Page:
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Магистратура 2018/2019

Микроэкономика I (продвинутый уровень)

Статус: Курс обязательный (Финансовая экономика)
Направление: 38.04.01. Экономика
Когда читается: 1-й курс, 1 семестр
Формат изучения: без онлайн-курса
Преподаватели: Юрко Анна Вячеславовна
Прогр. обучения: Финансовая экономика
Язык: английский
Кредиты: 5

Course Syllabus

Abstract

Microeconomics I is the first part of the two-semester graduate-level course which provides a rigorous treatment of microeconomic theory and its applications. We first study the decisions of individual economic agents, beginning with the theory of consumer choice and the producer theory. We introduce the concept of duality and analyze it in the context of consumption and production decisions. Afterwards, we study decision-making under uncertainty and introduce the expected utility theory. We also discuss its critiques. The course proceeds with the study of competitive equilibrium and its welfare properties in a general equilibrium setting. Prerequisites: Intermediate Microeconomics, Calculus, Linear Algebra, Probability Theory.
Learning Objectives

Learning Objectives

  • The objective of the course is to provide the students with a thorough knowledge and understanding of the foundations of modern economic analysis. The students will be introduced to the classical results and recent developments in microeconomic theory but the main focus will be on developing their modeling skills and encouraging them to think analytically about realworld phenomena.
Expected Learning Outcomes

Expected Learning Outcomes

  • Set up and solve models of consumer choice theory to obtain individual and aggregate market demands for goods
  • Analyze properties of demand functions.
  • Explain the relationship between observed choices and unobserved consumer preferences
  • Set up and solve firm problems, derive and analyze individual and aggregate market supply functions
  • Analyze the relationship between properties of technologies and firm production decisions
  • Discuss and apply the standard approach to modelling uncertainty in the economics and finance literature
  • Set up and solve decision problems involving uncertainty
  • Apply the key efficiency concept – Pareto efficiency to evaluate market and non-market allocations of goods and resources
  • Set-up and solve the benchmark general equilibrium model, find the equilibrium prices and allocations of goods and compare these allocations to the socially optimal outcomes
Course Contents

Course Contents

  • Consumer Choice Theory
    This chapter studies in detail the individual decisions of consumers. First, we consider individual decision making in an abstract setting: the preference-based vs. the choice-based approach. Then, we focus on the optimal decisions of individual consumers. We derive individual demands and work out their properties. We further discuss the duality of utility maximization and expenditure minimization, study the problem of integrability, and analyze the relation between the earlier results and the choice-based approach. We conclude with the issues of demand aggregation.
  • Producer Theory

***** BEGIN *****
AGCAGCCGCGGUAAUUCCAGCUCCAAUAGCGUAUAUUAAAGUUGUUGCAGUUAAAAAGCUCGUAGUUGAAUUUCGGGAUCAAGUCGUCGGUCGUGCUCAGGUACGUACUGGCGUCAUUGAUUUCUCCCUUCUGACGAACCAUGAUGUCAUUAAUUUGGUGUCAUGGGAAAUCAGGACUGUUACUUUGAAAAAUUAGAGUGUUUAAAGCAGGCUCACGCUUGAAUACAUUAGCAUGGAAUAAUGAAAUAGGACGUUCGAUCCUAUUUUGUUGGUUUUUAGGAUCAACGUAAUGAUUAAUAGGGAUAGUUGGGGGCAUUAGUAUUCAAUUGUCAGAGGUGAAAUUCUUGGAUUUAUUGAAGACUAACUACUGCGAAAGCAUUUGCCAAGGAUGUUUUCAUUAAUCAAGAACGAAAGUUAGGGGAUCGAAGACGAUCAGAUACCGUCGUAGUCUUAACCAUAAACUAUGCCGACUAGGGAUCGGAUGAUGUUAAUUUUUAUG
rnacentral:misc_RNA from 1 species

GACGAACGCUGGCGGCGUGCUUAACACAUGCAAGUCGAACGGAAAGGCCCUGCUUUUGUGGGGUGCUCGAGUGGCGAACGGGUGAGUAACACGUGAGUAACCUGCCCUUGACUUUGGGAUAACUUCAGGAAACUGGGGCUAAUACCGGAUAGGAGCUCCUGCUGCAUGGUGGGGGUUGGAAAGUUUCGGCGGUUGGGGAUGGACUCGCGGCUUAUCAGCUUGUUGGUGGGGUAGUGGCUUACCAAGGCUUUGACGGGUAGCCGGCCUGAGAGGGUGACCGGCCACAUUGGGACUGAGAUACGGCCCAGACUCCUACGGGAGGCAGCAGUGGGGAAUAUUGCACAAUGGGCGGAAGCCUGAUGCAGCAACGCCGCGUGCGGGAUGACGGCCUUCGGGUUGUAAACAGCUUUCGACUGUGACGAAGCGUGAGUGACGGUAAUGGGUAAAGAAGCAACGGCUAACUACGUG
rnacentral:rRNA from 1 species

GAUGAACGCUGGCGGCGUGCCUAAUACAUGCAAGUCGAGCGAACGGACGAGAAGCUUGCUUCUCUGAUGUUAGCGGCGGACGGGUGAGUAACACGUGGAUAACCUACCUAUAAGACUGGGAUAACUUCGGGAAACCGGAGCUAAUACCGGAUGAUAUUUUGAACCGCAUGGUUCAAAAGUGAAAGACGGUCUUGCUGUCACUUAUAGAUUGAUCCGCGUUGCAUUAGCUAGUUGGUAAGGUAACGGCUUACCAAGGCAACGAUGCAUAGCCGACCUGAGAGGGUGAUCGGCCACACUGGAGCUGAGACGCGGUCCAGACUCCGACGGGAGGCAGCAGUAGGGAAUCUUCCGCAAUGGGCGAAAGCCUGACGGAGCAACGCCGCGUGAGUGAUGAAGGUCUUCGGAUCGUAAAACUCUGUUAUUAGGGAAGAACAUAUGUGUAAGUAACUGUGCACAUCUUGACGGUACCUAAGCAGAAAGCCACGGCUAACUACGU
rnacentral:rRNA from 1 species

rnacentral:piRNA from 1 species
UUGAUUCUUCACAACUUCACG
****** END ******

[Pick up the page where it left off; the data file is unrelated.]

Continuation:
This part of the course studies the behavior of the firm and develops a theory parallel to the theory consumption analyzed earlier. We study profit maximization and cost minimization, work out the properties of firm’s supply, discuss efficiency in production. The chapter finishes with supply aggregation
  • Choice Under Uncertainty
    We start by learning how to represent risky alternatives by means of lotteries. Then, by imposing rationality, continuity, and independence on individual preferences we obtain a central result known as the expected utility theorem. We analyze the attitude of different individuals towards risk and discuss some classical measures of risk aversion. We then move to comparing alternative distributions of monetary returns in terms of stochastic dominance. We consider the limitations of the expected utility theory and we provide Savage’s foundation for subjective expected utlity theorem. Violations of Savage axioms lead to a brief discussion of Ellsberg’s paradox and ambiguity aversion.
  • General Equilibrium
    In this part of the course we consider a competitive market economy in a general equilibrium setting. We formally introduce the notions of Pareto optimality and competitive (or Walrasian) equilibrium and analyze their interrelation summarized in the two fundamental theorems of welfare economics. We study in detail the 2 by 2 exchange economy model and the 2 by 2 (two products, two factors) production economy model.
Assessment Elements

Assessment Elements

  • blocking exam
  • non-blocking midterm exam
  • non-blocking homeworks
  • non-blocking class attendance
Interim Assessment

Interim Assessment

  • Interim assessment (1 semester)
    0.05 * class attendance + 0.61 * exam + 0.05 * homeworks + 0.29 * midterm exam
Bibliography

Bibliography

Recommended Core Bibliography

  • Mas-Colell, A., Whinston, M. D., & Green, J. R. (1995). Microeconomic Theory. Oxford University Press. Retrieved from http://search.ebscohost.com/login.aspx?direct=true&site=eds-live&db=edsrep&AN=edsrep.b.oxp.obooks.9780195102680

Recommended Additional Bibliography

  • Gibbons, R. (1992). Game Theory for Applied Economists. Princeton: Princeton University Press. Retrieved from http://search.ebscohost.com/login.aspx?direct=true&site=eds-live&db=edsebk&AN=390677
  • Mathematics for economists, Simon C. P., Blume L., 1994